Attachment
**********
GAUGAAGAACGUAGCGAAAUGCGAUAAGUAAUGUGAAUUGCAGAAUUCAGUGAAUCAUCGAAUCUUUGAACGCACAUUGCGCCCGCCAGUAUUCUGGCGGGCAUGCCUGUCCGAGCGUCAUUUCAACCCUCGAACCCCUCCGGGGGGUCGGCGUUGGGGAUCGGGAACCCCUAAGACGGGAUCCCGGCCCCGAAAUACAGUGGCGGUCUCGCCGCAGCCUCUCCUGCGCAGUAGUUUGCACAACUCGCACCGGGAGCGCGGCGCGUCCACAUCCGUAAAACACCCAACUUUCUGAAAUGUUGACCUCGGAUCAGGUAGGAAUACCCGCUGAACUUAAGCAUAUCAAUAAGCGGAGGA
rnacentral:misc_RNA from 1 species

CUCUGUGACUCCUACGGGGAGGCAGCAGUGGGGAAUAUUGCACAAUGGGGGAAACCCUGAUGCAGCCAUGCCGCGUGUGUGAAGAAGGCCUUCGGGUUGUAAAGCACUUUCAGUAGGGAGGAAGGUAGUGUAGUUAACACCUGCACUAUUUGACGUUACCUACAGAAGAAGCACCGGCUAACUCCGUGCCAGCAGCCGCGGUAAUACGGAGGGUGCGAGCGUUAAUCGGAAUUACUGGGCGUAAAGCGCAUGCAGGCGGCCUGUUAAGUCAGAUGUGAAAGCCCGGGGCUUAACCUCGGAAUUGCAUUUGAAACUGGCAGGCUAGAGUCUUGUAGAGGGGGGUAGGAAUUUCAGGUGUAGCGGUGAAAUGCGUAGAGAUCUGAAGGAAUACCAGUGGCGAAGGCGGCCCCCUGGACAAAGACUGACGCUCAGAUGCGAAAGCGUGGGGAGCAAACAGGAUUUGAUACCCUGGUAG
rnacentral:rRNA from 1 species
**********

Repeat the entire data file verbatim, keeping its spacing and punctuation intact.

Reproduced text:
GAUGAAGAACGUAGCGAAAUGCGAUAAGUAAUGUGAAUUGCAGAAUUCAGUGAAUCAUCGAAUCUUUGAACGCACAUUGCGCCCGCCAGUAUUCUGGCGGGCAUGCCUGUCCGAGCGUCAUUUCAACCCUCGAACCCCUCCGGGGGGUCGGCGUUGGGGAUCGGGAACCCCUAAGACGGGAUCCCGGCCCCGAAAUACAGUGGCGGUCUCGCCGCAGCCUCUCCUGCGCAGUAGUUUGCACAACUCGCACCGGGAGCGCGGCGCGUCCACAUCCGUAAAACACCCAACUUUCUGAAAUGUUGACCUCGGAUCAGGUAGGAAUACCCGCUGAACUUAAGCAUAUCAAUAAGCGGAGGA
rnacentral:misc_RNA from 1 species

CUCUGUGACUCCUACGGGGAGGCAGCAGUGGGGAAUAUUGCACAAUGGGGGAAACCCUGAUGCAGCCAUGCCGCGUGUGUGAAGAAGGCCUUCGGGUUGUAAAGCACUUUCAGUAGGGAGGAAGGUAGUGUAGUUAACACCUGCACUAUUUGACGUUACCUACAGAAGAAGCACCGGCUAACUCCGUGCCAGCAGCCGCGGUAAUACGGAGGGUGCGAGCGUUAAUCGGAAUUACUGGGCGUAAAGCGCAUGCAGGCGGCCUGUUAAGUCAGAUGUGAAAGCCCGGGGCUUAACCUCGGAAUUGCAUUUGAAACUGGCAGGCUAGAGUCUUGUAGAGGGGGGUAGGAAUUUCAGGUGUAGCGGUGAAAUGCGUAGAGAUCUGAAGGAAUACCAGUGGCGAAGGCGGCCCCCUGGACAAAGACUGACGCUCAGAUGCGAAAGCGUGGGGAGCAAACAGGAUUUGAUACCCUGGUAG
rnacentral:rRNA from 1 species